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Last month was super busy and I wasn't able to make the news roundup for January, so this one is going to be a bit longer. Due to some happy shifts in life, however, I now have much more time on my hands, and FOSSphones is finally going to be my number one priority going forward, so expect us to return to bi-weekly news roundups both here and of course, on our Gemini site.
I hope everyone reading this had a wonderful New Year, and with that being said, time to jump into our first Linux Phone news roundup of 2022.
2022 is barely two months in, and we're already seeing some exciting releases from some of our favorite mobile Linux distro projects.
Here is a short and quick list of some of the newest GNU/Linux mobile distro releases that you can download and try out for yourself:
I expect to be downloading and testing each of these distros out and reporting back to the community, which brings me to my next piece of news.
I have been thinking about getting back into doing videos for awhile now, and now that I am going to have a lot more time on my hands, I plan to do just that. Over this week, I plan to set up new YouTube and Odysee channels for FOSSphones.
I am also entertaining the notion of setting up a Linux Phone PeerTube instance. I have some ideas for this if I end up doing it, and will update you with the details when and if this happens.
We are going to be taking a look at some of the latest distro releases and talking about new features, investigating and testing out cool apps for your GNU/Linux mobile devices, and more.
I also plan to bring back FOSScast this year, which was a podcast idea I began with last year that has one episode up on my personal YouTube channel. I invite anyone in the mobile GNU/Linux community who would like to participate in the podcast (I am thinking about doing interviews and guest spots) to feel free to reach out through email (which can be found on our contact page) or on FOSSphone's socials on Neighborli or Twitter.
Through the month of January, our friends at Pine64 ran a community poll where everyone who has a mobile Linux device was invited to take part (which I happily did). The results are in, and give us a little bit of insight into how people are using their PinePhones.
Here is a short summary of some of the results.
A third of those responding to the poll were from the USA. European PinePhone users were highest in the UK, Germany, and France. Canada and Australia also seem to have a decent amount of respondents, with the poll noting that some respondents even had PinePhones in a country where the device isn't shipped by Pine64 - Russia.
Familiarity With Linux:
In a question asking people to rate their literacy with working within a Linux environment, the answers didn't surprise me too much.
A huge majority of the respondents claimed to be Linux and FOSS enthusiasts, with a good majority being programmers (I fell in this camp). A small percentage claimed to be interested in smartphones but have no current knowledge of Linux, while a slightly larger percentage claimed a limited knowledge of Linux, but don't want to use iOS or Android devices - most likely with the latter two platforms' privacy issues in mind.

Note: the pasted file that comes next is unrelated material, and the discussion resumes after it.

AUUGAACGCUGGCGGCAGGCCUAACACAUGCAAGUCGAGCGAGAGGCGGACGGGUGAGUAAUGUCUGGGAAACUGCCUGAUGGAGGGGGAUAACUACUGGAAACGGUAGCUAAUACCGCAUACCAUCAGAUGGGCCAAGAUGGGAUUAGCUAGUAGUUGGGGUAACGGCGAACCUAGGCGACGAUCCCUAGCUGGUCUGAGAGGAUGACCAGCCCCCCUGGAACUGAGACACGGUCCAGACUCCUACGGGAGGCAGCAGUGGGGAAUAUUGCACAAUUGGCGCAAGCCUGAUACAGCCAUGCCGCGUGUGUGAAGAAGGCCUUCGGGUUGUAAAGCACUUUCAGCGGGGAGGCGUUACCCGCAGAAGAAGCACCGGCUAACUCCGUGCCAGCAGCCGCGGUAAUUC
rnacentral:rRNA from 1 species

It's an interesting look into our community and why people enjoy using their PinePhones.
Experience With Mobile Linux Devices:
The PinePhone is one of the first mobile devices built with running mainline GNU/Linux in mind, and its affordability and general availability has allowed a good amount of people to get their feet wet in the world of mobile Linux.
With that in mind, 77.5% of people responding said their PinePhone was their first Linux-capable mobile device, while 22.5% claimed otherwise - meaning they probably had a device (such as a Nexus 5) running Ubuntu Touch, a device like the Nokia n900 (good memories!), or another device.
PinePhone Usage Statistics:
I am happy to say that my PinePhone PostmarketOS CE is a big part of my life since I got it back in 2020, and I use it daily. My PinePhone Braveheart is used for development purposes (I'm working on some software for mobile GNU/Linux that is still early stage, not quite ready to share, but I am excited to share it when it is more "ready"). I have a de-Googled Android device running LineageOS as well, but it gets used less and less these days as the mobile distros continue to mature.
I am also happy to say that I am not the only one who falls into this camp, as a fourth of everyone who responded to the Pine64 poll claimed to use their PinePhone as a daily-driver device. A quarter of those answering the poll said that their PinePhone is used as a secondary device, and a third said that they use their PinePhones occasionally.
On the mobile distro side, this is what the community poll had to say:
On the UI side of things, we have these results:
There were other questions posed in the poll, as well, mostly related to device add-ons and OS daily driving. You can read an extended, deeper dive into the poll directly on Pine64's site at this link.
A new Phosh release (0.15.0) is out, and brings some nice new features with it for you to take advantage of. These include:
You can read the full changelog at the GNOME GitLab.
That's about it for this roundup - I am happy to be able to get back into working on FOSSphones on a more regular basis, as life is now going to allow me. Expect a lot more from FOSSphones on this site, on our Gemini capsule, on our social media channels, and on our future video channels where we will be getting content up and running for you guys.
2022 is going to be the best year yet when it comes to GNU/Linux on mobile, and I can't wait to see where everything goes. Until next time!